To read the full statement delivered by Senior Attorney Sharon Treat during the January 28, 2021 Press Conference on Maine PFAS Legislation, please click here.
Good morning. I am Sharon Treat, speaking to you from Hallowell, and representing the Institute for Agriculture and Trade Policy, a national nonprofit advocacy organization that works closely with farmers to promote local, sustainable and environmentally beneficial agriculture and trade policies.
Maine farmers have learned the hard way that PFAS threatens their health and livelihoods, and the viability of their farms. We now have two Maine farms forced to shutter their operations because of contamination from these toxic chemicals — one in Arundel and the other in Fairfield. In Fairfield, in addition to pollution at the farm, at least 29 drinking water wells in the area have been found to be contaminated with high levels of PFAS, a number that keeps increasing as more wells are tested.
In this PFAS-caused disaster, Maine’s farmers and their neighbors are on the front lines, their health threatened by contaminated drinking water, the viability of their farms and livelihoods threatened by PFAS-contaminated beef and milk that is unsafe, inedible and unsaleable.
This is a crisis on many fronts, and it needs a comprehensive and timely response from Maine government. The Governor’s Task Force on PFAS helped define the extensive scope of the problem, and guided data collection that definitively established that multiple waters systems, including for schools, have been contaminated. Data collected by DEP and reported to the Task Force found PFAS in fish caught in both rivers and lakes, from northern Maine to the Kennebec River. Because PFAS pollution is both an ongoing and a legacy problem, what has been revealed so far may be just the tip of the iceberg.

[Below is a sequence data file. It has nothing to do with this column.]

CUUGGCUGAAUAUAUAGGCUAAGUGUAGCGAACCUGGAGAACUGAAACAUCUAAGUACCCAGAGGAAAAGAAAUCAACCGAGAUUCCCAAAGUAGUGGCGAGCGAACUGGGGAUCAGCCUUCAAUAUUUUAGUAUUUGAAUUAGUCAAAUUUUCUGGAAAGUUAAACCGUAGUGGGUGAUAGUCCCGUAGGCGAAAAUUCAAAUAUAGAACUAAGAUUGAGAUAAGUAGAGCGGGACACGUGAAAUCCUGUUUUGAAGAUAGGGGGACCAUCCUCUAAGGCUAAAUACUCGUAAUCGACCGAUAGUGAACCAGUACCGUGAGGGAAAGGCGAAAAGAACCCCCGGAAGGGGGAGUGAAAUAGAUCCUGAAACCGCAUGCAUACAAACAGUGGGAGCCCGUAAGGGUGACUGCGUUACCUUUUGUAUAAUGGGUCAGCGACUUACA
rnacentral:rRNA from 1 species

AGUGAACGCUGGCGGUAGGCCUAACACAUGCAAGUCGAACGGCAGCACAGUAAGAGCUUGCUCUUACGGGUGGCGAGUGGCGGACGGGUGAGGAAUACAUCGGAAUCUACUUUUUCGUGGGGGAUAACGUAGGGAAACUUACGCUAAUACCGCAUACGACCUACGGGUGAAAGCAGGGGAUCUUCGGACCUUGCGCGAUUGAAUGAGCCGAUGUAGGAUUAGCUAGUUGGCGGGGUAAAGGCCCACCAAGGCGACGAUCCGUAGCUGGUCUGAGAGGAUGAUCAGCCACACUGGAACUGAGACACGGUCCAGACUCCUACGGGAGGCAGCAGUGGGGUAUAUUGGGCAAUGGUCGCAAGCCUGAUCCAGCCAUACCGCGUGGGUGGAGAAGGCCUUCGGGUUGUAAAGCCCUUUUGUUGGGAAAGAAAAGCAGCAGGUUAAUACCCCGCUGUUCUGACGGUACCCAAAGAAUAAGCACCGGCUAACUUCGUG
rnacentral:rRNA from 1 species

Data collected by DEP has identified 500 properties where sludge was spread over the past 40 years, but testing at most of those sites remains to be done. Who knows what housing or other development, may have been built on land that may be contaminated with PFAS, or the extent of ground and surface waters contaminated across the state?
We must not delay testing fields where industrial wastes and sewage and septic sludge have been spread over decades. It is equally imperative to halt ongoing practices that create PFAS contamination in the first place. Maine needs comprehensive policies to clean up PFAS pollution, require responsible parties to pay for the harm their products have caused, and enforceable drinking water standards that protect the health of current and future generations. Fortunately, the legislation being rolled out today does all of that.
Download the full press statement here.